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E-Marketing Performance Blog

Interaction is Key: 3 Ways to Make Your Site More User Friendly

user-friendly website

Getting visitors to your website is only the very beginning of the process of gaining a customer. Actually, it’s the second step, the first step is convincing them to click into your site to begin with. But once they are there, that’s where the real journey starts!

user-friendly website quoteIf your site doesn’t deliver a great experience for every visitor, you’ll have an even more difficult time convincing those visitors that your products or services will. It all starts with improving the visitor’s interaction at every level of your site.

Focus on Your Site Architecture

The architecture of a website covers many aspects of a visitor’s interaction and experience on your site. Poor site architecture leads to poor results from both search engines and visitors. Here are a few architecture issues to consider:

  • Make sure search engines can reach all key landing pages of your site within a few jumps from the home page.

  • Make sure your navigation clearly indicates the products and services you offer and uses keywords that mimic how the visitor thinks of those products and services.

  • Ensure all pages are easy to find from the navigation. Not every page needs to be in the navigation, but the trail to all content needs to be crystal clear.

  • Make sure your site is fast. Keep pages slim and download speeds fast.

  • Tweak your site for mobile performance, not just desktop.

  • Eliminate broken links or anything else that disrupts the visitor’s experience.

  • Write unique content for each page that adds value to the visitor.

Provide Calls to Take Action

One of the single biggest frustrations users often experience is not knowing where to go next or how to get to the information they want. Site architecture ensures that the back-end machinery works well, but the front-end messaging has to be fine-tuned as well.

Here are some messaging and call-to-action issues to address:


  • Don’t make your navigation do all the work. Use content to show visitors the path toward their goals or other information they may need. Navigation is a backup, not the primary way visitors get from page to page.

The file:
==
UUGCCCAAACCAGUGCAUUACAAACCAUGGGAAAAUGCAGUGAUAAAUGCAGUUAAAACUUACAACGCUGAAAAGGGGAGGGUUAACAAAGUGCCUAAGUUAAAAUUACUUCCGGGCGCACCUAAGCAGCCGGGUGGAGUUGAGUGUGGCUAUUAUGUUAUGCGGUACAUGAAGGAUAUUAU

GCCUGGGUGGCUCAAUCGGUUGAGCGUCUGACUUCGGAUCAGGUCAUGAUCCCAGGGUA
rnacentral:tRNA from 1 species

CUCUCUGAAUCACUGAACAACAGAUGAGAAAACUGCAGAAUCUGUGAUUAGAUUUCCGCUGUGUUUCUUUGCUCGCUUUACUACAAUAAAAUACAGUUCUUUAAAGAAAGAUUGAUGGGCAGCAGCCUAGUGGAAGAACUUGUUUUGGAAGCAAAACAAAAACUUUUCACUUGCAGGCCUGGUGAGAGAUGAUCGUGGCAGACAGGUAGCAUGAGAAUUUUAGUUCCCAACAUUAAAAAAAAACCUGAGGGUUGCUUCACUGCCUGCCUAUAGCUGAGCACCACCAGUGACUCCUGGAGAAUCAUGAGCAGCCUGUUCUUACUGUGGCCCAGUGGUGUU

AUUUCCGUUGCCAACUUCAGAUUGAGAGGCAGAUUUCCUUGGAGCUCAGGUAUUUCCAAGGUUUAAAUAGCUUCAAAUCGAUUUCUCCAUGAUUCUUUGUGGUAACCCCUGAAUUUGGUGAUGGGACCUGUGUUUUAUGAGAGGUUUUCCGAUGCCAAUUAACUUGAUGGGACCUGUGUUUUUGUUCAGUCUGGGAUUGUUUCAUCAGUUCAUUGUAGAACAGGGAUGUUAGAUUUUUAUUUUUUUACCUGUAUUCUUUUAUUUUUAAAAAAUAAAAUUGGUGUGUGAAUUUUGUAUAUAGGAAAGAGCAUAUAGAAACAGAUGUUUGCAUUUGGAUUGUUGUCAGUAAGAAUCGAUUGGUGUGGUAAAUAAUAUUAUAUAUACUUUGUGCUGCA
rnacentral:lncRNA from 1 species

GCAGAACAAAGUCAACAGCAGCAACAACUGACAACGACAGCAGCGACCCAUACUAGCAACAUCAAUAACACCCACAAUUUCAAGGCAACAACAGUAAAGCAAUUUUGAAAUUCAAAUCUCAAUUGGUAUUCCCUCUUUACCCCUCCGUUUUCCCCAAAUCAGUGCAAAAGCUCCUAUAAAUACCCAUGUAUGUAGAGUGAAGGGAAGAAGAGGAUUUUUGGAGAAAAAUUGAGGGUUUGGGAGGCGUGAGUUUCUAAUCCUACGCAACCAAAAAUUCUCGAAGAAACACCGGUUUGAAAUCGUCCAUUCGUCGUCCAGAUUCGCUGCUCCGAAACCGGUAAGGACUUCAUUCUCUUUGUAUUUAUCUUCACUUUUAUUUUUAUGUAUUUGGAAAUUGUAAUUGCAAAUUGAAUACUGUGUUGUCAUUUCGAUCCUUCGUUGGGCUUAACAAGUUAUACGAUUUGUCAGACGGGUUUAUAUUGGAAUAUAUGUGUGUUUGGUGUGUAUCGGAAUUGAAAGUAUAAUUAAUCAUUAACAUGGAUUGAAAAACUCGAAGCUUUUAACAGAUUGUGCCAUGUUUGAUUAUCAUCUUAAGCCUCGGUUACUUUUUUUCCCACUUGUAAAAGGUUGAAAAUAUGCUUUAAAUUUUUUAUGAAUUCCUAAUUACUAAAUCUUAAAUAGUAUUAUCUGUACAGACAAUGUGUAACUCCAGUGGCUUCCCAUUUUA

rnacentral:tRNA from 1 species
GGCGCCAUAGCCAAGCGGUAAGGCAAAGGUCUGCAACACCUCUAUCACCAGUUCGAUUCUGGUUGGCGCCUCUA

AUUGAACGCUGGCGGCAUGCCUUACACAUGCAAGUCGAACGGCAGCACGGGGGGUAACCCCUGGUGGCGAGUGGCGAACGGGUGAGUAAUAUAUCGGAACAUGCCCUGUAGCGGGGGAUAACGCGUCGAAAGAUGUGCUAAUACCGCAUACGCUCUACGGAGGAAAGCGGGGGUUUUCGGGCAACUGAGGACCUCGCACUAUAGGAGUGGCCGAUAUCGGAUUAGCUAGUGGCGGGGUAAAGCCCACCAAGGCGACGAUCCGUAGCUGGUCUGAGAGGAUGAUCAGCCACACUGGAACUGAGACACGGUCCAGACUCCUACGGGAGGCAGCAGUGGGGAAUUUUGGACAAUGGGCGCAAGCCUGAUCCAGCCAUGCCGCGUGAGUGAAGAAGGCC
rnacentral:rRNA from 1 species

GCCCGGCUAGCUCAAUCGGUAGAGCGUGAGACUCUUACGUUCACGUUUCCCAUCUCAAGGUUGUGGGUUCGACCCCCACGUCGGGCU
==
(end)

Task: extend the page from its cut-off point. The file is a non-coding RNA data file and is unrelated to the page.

• Link to related content in your content. You can’t get every bit of messaging on a single page, so link to pages that provide more detail and value to the reader.

  • Use calls-to-action to support your primary and secondary goals. Visitors need to be told what to do next. Don’t be afraid to spell it out for them.

  • Provide value to keep the visitor engaged. At some point the value of your site will wear out. If you haven’t convinced your visitors to become a customer by then, you likely won’t. Keep pointing the way to the conversion but link to more value for the visitors that aren’t yet ready.

Focus on Conversion Optimization

The next step in having a usable website is improving the conversion process. While the focus of this is often on the shopping cart and e-commerce portions of a website, in truth, conversion funnel often begins the moment a visitor lands on your site.


  • Know what your visitors goals are and find the best way to help them achieve those goals.

  • Test different conversion options. There always might be a better way, including how you use images, forms, buttons, etc.

  • Provide soft-conversion goals. Not everyone is ready to make the big commitment. If you can get them to make a small one instead, you will earn more chances to get a bigger commitment later.

  • Nothing should be sacred. It doesn’t matter how much you like something, test it. If something else works better, let it go.

Your visitors are on your site, not for your benefit, but for theirs. Which means you have to do everything you can to keep them interacting with your site, and guiding them to the goals they came to achieve.

Being “user-friendly” doesn’t exactly sound sexy, but you’ll get way more action from a site that meets your visitor’s needs rather than your own.

Stoney G deGeyter

Stoney deGeyter is the author of The Best Damn Web Marketing Checklist, Period!. He is the founder and CEO of Pole Position Marketing, a web presence optimization firm whose pit crew has been velocitizing websites since 1998. In his free time Stoney gets involved in community services and ministries with his “bride enjoy” and his children. Read Stoney’s full bio.

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